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FROM THE ARCHIVE: Clashmore first community in Sutherland to establish an SWRI branch

By Ali Morrison

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The small Sutherland community of Clashmore can proudly boast of a historic first.

It was the first place in the county to establish a branch of the Scottish Rural Women’s Institute (SWRI) - now called the Scottish Women’s Institute.

The Highland Archive Centre holds a wealth of records relating to Clashmore SWRI.
The Highland Archive Centre holds a wealth of records relating to Clashmore SWRI.

The ‘Rural’ was a membership organisation which promoted the personal advancement of its members by encouraging education, friendship and Scottish culture.

The Highland Archive Centre holds a wealth of records relating to the Clashmore SWRI including minutes, financial records, report books, correspondence, programmes, notebooks, miscellaneous papers and photographs.

Highlife Highland Logo
Highlife Highland Logo
An SWRI handbook dating back to November 1935.
An SWRI handbook dating back to November 1935.

Clashmore SWRI was founded in 1923 by Louise Whitfield Carnegie, the wife of Scottish-American industrialist and philanthropist Andrew Carnegie. The couple put down roots in Sutherland after purchasing Skibo Castle in 1899.

The institute was initially part of the Ross and Cromarty Federation before the Sutherland Federation was formed in 1928.

The Sutherland Voluntary Federation Committee consisted of eight institutes in Assynt, Brora, Clashmore, Dornoch, Helmsdale and District, Rogart and Rosehall, with the organisation headquarters situated in Edinburgh.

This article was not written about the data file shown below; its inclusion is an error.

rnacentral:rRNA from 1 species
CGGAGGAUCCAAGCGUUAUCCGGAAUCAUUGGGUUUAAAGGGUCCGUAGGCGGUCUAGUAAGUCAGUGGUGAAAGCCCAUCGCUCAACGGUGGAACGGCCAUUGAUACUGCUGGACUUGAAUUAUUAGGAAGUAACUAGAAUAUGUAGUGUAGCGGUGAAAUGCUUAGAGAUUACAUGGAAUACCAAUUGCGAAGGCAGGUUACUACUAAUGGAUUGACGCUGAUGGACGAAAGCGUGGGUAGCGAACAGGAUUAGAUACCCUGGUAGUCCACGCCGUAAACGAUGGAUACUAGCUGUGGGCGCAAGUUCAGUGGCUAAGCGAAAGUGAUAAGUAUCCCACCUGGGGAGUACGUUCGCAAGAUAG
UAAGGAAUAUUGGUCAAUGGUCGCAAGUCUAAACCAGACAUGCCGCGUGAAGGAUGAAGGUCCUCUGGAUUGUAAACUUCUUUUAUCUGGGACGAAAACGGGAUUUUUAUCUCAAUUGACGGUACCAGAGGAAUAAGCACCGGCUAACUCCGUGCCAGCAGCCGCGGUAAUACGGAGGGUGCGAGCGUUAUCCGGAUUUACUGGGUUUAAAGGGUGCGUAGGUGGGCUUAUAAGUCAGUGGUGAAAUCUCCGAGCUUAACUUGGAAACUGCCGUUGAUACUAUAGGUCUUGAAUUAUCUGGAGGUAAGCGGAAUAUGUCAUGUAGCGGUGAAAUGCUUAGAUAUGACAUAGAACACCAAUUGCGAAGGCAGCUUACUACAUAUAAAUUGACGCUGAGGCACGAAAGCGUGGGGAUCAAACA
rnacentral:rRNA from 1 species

Each institute held monthly meetings with speakers and activities covering topics such as crafts, travel, gardening, cooking and walking.

Clashmore SWRI originally held its meetings in Carnegie Hall, Clashmore, with a temporary transfer to Skibo School in the late 1940s.

The war years hampered many of the SWRI’s activities, the blackout forcing monthly meetings to coincide with moonlit nights.

Members poured their energies and enthusiasm into the war effort, growing food in small gardens and allotments; canning and preserving home-grown produce; knitting for the troops and teaching crafts in camps and hospitals.

Louise Carnegie died in Manhattan, New York, on June 14, 1946.

But her daughter and only child, Margaret Carnegie Miller, was the guest of honour at Clashmore SWRI’s 50th birthday party in Clashmore Hall in September, 1973.

The SWI has suffered a gradual decline in Sutherland in recent years with branches closing due to lack of members. However SWI say new groups are starting across Scotland post-Covid.

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